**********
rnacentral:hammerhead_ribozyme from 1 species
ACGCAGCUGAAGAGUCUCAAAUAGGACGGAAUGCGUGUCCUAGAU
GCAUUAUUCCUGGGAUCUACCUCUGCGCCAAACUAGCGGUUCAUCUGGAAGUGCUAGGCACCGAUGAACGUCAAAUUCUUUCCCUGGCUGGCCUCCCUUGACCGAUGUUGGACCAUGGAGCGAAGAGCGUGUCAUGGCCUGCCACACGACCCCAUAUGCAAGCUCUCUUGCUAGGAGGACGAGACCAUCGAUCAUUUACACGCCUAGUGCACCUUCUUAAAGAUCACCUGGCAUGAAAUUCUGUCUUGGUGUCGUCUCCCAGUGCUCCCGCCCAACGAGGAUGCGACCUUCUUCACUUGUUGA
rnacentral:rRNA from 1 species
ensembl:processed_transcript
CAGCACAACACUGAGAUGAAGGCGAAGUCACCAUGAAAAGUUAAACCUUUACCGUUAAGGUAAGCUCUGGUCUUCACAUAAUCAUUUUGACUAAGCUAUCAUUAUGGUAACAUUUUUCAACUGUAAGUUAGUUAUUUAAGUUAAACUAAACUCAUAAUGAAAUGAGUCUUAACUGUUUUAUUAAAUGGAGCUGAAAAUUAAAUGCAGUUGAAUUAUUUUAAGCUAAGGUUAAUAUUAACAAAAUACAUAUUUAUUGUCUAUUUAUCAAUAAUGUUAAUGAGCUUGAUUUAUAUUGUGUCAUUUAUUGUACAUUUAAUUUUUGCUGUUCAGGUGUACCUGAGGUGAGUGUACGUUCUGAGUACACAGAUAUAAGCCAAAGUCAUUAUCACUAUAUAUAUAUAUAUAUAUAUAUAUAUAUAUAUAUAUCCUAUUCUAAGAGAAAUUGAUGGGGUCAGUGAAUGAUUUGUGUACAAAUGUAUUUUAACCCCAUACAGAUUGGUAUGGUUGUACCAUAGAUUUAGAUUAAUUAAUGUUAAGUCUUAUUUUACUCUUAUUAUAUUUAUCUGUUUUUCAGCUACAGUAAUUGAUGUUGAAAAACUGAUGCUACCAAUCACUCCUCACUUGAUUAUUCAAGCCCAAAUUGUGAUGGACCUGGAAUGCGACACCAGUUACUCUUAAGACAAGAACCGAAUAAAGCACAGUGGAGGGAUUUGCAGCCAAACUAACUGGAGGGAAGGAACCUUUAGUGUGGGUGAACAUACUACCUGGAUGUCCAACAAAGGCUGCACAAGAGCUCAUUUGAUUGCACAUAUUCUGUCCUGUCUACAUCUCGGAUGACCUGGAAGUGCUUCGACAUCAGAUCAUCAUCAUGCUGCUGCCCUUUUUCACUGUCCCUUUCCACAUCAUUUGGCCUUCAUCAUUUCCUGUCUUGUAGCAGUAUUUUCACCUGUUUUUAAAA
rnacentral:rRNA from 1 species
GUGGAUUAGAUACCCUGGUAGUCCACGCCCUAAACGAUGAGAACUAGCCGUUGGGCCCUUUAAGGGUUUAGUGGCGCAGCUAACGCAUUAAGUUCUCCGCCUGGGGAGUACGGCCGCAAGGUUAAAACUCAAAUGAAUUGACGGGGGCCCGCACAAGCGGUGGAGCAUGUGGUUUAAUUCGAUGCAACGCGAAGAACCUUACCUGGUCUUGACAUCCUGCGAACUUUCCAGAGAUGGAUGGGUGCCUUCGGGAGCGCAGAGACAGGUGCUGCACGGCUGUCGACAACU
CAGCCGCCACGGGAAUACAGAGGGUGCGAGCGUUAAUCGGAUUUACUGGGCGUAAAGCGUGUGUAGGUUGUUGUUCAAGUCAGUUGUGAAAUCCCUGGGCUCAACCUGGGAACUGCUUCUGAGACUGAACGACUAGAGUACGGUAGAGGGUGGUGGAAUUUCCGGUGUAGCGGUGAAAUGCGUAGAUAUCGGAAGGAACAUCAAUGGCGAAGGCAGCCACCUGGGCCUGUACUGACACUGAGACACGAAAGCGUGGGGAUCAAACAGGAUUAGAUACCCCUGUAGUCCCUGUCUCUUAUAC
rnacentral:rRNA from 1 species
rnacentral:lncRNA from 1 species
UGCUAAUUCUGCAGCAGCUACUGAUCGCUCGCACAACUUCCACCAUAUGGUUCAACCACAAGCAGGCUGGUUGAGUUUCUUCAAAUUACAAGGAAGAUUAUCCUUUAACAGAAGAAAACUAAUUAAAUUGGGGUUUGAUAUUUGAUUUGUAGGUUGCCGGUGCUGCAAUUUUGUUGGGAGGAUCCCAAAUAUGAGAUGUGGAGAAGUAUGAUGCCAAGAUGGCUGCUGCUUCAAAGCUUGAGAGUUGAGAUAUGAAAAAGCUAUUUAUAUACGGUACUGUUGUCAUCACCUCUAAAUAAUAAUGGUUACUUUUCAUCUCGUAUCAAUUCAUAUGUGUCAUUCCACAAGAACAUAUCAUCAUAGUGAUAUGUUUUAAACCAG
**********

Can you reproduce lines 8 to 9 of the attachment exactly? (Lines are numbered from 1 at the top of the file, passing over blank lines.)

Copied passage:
GUGGAUUAGAUACCCUGGUAGUCCACGCCCUAAACGAUGAGAACUAGCCGUUGGGCCCUUUAAGGGUUUAGUGGCGCAGCUAACGCAUUAAGUUCUCCGCCUGGGGAGUACGGCCGCAAGGUUAAAACUCAAAUGAAUUGACGGGGGCCCGCACAAGCGGUGGAGCAUGUGGUUUAAUUCGAUGCAACGCGAAGAACCUUACCUGGUCUUGACAUCCUGCGAACUUUCCAGAGAUGGAUGGGUGCCUUCGGGAGCGCAGAGACAGGUGCUGCACGGCUGUCGACAACU
CAGCCGCCACGGGAAUACAGAGGGUGCGAGCGUUAAUCGGAUUUACUGGGCGUAAAGCGUGUGUAGGUUGUUGUUCAAGUCAGUUGUGAAAUCCCUGGGCUCAACCUGGGAACUGCUUCUGAGACUGAACGACUAGAGUACGGUAGAGGGUGGUGGAAUUUCCGGUGUAGCGGUGAAAUGCGUAGAUAUCGGAAGGAACAUCAAUGGCGAAGGCAGCCACCUGGGCCUGUACUGACACUGAGACACGAAAGCGUGGGGAUCAAACAGGAUUAGAUACCCCUGUAGUCCCUGUCUCUUAUAC